Author: James Tice Moore


Edmund R. Cocke (1841–1922)

Edmund R. Cocke was a veteran of the American Civil War (1861–1865) who, after the war, became a Populist Party leader, running unsuccessful campaigns for Virginia governor (1893) and lieutenant governor (1897). After being wounded at Gettysburg (1863) and captured at Sailor’s Creek (1865), Cocke, a staunch Democrat and white-supremacist, chaired Cumberland County‘s electoral board beginning in 1884. He told a friend that Republicans “putrefy every thing they touch,” but he never was accused of being unfairly partisan in his position. Around the same time, Captain Cocke, as he was known, became involved in populist politics through the Farmers’ Assembly of the State of Virginia, which he cofounded, and his disagreement with Democrats over the gold standard led to his defection to the People’s Party in 1892. Although intellectually gifted, he was considered by his peers to be an uninspiring speaker, and he was soundly defeated in his run for governor in 1893 and, four years later, for lieutenant governor. This latter defeat effectively ended Populism in Virginia. In 1898, Cocke’s wife died, in 1900 his plantation burned, and in his last few years he experimented with making gold through alchemy and lashed out at Prohibition Democrats. He died of kidney failure in 1922.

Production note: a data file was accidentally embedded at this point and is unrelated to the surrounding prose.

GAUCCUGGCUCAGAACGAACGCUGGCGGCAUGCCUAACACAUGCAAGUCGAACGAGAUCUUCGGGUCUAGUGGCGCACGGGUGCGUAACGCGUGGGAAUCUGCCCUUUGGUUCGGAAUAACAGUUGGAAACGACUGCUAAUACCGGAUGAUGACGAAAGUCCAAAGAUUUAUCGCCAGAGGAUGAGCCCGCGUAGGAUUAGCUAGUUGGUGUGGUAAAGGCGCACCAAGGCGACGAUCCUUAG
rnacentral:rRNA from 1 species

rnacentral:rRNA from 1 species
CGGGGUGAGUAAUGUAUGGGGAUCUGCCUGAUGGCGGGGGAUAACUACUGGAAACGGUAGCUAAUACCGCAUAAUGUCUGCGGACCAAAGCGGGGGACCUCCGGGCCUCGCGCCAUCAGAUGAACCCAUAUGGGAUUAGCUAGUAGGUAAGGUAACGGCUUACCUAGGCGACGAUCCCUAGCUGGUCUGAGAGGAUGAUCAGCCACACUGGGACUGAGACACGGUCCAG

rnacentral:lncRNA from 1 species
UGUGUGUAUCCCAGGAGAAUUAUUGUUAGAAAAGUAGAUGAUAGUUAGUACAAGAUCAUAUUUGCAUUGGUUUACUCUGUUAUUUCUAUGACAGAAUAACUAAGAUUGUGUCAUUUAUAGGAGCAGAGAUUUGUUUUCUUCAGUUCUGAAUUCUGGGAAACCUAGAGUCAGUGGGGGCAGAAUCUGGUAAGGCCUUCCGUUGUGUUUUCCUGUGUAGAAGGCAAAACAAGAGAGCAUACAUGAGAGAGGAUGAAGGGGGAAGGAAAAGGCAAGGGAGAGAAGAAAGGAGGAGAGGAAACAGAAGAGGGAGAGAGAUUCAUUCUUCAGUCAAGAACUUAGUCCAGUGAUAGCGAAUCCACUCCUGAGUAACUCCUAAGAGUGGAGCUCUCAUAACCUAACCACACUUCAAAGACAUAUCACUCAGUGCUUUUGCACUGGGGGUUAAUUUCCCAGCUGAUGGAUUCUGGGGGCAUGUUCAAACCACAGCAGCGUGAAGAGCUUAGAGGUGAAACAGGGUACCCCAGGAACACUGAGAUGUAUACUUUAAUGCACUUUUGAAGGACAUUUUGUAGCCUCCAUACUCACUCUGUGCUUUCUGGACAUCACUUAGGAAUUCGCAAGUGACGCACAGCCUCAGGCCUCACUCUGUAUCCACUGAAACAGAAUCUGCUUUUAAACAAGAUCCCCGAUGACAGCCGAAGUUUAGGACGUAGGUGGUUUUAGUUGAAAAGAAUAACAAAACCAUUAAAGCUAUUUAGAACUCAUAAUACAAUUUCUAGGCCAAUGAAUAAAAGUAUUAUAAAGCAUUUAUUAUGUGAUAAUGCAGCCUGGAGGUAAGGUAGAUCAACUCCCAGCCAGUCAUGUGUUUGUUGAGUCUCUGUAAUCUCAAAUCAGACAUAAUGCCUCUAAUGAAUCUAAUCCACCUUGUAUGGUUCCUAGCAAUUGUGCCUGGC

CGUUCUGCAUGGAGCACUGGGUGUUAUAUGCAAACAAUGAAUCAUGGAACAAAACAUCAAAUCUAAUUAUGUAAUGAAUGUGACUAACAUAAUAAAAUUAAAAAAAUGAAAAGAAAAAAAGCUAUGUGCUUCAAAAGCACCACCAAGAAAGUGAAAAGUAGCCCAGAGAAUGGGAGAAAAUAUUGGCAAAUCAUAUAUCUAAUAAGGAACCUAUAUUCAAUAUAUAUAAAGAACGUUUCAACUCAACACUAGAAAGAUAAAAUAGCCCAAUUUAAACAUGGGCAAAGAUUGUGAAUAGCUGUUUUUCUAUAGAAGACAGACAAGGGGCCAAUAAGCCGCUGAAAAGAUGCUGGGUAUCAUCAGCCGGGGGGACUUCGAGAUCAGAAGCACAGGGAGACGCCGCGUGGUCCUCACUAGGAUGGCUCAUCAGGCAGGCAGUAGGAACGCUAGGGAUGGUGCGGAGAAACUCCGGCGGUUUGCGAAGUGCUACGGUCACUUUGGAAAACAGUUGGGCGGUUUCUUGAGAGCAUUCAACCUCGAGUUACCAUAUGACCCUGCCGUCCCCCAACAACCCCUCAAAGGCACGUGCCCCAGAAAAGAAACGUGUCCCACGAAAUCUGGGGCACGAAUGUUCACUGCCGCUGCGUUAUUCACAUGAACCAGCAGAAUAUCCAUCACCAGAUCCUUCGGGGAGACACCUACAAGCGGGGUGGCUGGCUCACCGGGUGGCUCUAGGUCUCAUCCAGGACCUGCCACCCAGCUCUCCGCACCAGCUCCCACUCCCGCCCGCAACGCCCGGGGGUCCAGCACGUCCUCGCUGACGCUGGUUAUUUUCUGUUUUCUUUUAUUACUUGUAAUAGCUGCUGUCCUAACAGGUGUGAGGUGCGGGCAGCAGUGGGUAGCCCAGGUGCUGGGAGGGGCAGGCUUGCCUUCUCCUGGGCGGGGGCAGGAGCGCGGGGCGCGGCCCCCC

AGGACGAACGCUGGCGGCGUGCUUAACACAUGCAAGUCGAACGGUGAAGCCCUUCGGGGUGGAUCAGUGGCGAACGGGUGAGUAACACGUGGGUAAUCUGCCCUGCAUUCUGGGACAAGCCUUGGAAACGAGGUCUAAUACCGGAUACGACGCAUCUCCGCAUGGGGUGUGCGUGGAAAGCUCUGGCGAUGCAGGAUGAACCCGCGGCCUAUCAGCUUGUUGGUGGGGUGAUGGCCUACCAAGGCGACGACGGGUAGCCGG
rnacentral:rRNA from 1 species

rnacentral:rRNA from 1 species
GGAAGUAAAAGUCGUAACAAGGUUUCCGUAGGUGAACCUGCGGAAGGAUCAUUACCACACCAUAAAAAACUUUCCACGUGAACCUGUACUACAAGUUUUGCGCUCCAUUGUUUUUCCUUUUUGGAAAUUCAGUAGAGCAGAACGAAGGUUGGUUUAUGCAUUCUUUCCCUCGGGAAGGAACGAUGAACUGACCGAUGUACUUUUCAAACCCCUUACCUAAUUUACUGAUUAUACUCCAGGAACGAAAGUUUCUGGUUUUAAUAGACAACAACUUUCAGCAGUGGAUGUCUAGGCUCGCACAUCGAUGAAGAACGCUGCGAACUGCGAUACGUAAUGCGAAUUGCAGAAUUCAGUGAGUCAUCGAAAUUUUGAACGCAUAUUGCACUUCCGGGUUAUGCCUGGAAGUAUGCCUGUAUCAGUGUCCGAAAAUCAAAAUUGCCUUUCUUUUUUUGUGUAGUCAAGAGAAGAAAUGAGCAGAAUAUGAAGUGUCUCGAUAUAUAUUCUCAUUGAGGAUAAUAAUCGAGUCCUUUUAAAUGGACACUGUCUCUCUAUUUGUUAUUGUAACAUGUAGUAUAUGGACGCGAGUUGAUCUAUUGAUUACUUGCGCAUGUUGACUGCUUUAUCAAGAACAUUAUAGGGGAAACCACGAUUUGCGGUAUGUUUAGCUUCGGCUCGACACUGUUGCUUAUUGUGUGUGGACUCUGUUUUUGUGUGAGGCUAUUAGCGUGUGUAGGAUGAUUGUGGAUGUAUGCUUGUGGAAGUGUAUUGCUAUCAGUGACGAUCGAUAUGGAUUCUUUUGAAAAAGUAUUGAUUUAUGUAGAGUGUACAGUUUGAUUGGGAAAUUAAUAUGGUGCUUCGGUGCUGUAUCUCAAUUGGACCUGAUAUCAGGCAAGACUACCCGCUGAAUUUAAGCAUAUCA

William E. Cameron (1842–1927)

William E. Cameron was a veteran of the American Civil War (1861–1865), a journalist, a governor of Virginia (1882–1886), and a member of the Convention of 1901–1902. Cameron served in the Confederate army during the war, then worked as a journalist in Petersburg and Richmond, supporting the Conservative Party. Beginning in 1876, he was elected to three consecutive two-year terms as the mayor of Petersburg. Later in the 1870s he began to side with the Readjusters, a faction that sought to adjust the payment of Virginia’s prewar debt. He won the governorship as a nominee of the Readjuster-Republican coalition in 1881. Cameron and the Readjusters issued a series of reforms, including repealing the poll tax, but his aggressive use of political patronage angered voters and his opponents. The revived Democratic Party, capitalizing on white supremacy and the electorate’s unease over Cameron’s tactics, took over the General Assembly in 1883. Cameron left politics after completing his term, but was elected in 1901 to a state constitutional convention. He played an influential role, advocating provisions that strengthened the governor’s authority to discharge subordinate officials; defending legislative election of judges; and supporting reinstating the poll tax and other restrictions that disfranchised African American voters. Cameron returned to journalism in 1906, editing the Norfolk Virginian-Pilot until 1919. He died in Louisa County in 1927.